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OKIsItJustMe

(19,937 posts)
Sat Nov 25, 2023, 04:40 PM Nov 2023

AP: US electric vehicle sales to hit record this year, but still lag behind China and Germany (way behind)

US electric vehicle sales to hit record this year, but still lag behind China and Germany
BY ALEXA ST. JOHN
Updated 7:54 AM EST, November 23, 2023

Electric vehicle sales are expected to hit a record 9% of all passenger vehicles in the U.S. this year, according to Atlas Public Policy. That will be up from 7.3% of new car sales in 2022.

It will be the first time more than 1 million EVs are sold in the U.S. in one calendar year, probably reaching between 1.3 million and 1.4 million cars, the research firm predicts.

Although the numbers show significant progress for electrification, the nation is lagging behind countries like China, Germany and Norway.

EVs reached 33% of sales in China, 35% in Germany, and 90% in Norway for the first six months of 2023, according to a BloombergNEF EV outlook published in June. These figures include both battery electric vehicles and plug-in hybrid EVs.

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AP: US electric vehicle sales to hit record this year, but still lag behind China and Germany (way behind) (Original Post) OKIsItJustMe Nov 2023 OP
Gee, there is a big push by the media to claim big automakers are retreating from EV production Fiendish Thingy Nov 2023 #1
In the US they are to some extent madville Nov 2023 #2
Add in some high interest rates and low gas prices madville Nov 2023 #3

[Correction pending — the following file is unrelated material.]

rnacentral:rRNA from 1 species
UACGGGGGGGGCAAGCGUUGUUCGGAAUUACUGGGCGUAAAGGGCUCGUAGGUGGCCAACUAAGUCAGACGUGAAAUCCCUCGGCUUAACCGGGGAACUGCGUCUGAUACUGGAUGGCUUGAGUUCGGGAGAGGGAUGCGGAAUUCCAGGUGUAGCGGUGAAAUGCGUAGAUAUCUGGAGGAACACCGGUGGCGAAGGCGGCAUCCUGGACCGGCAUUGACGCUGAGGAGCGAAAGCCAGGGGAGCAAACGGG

Fiendish Thingy

(15,561 posts)
1. Gee, there is a big push by the media to claim big automakers are retreating from EV production
Sat Nov 25, 2023, 04:51 PM
Nov 2023

They wouldn’t lie to us, would they?

madville

(7,404 posts)
2. In the US they are to some extent
Sat Nov 25, 2023, 09:39 PM
Nov 2023

They over promised and then didn’t deliver on many things. A major problem is they’re still focused on high dollar trucks and SUVs, they want to sell their $80,000-$120,000 trims and are introducing those first before the cheaper base models. But with the exception of Tesla, the rest are losing money on each EV they sell. Ford lost an average of $62,000 on each EV they sold in the 3rd quarter this year. That isn’t sustainable.

GM is delaying production of several of their models because they’ll actually be saving money by NOT selling at a loss at this time. The Bolt was selling good but it was losing $9,000 on each one sold so GM ended production to replace it with the Equinox. But they over promised the entry-level Equinox at $30,000 and have already had to raise it to $35,000 and haven’t even delivered one yet. They’ll be losing money on it too.

They’re in a pickle. They’ve committed to their EV strategy but it is costing them billions in loses. If they sold them at their true cost, they’d sell very few because most would be over $100,000.



madville

(7,404 posts)
3. Add in some high interest rates and low gas prices
Sat Nov 25, 2023, 09:45 PM
Nov 2023

And $60,000-$100,000 rapidly becomes less attractive. Plus they still only fit a niche portion of the population, the ones that can afford an expensive vehicle, have a home to place a level 2 charger, and are interested in EV technology. They don’t make sense for people that can’t charge at home at residential electric rates since public Level 3 charging now more expensive than gas.

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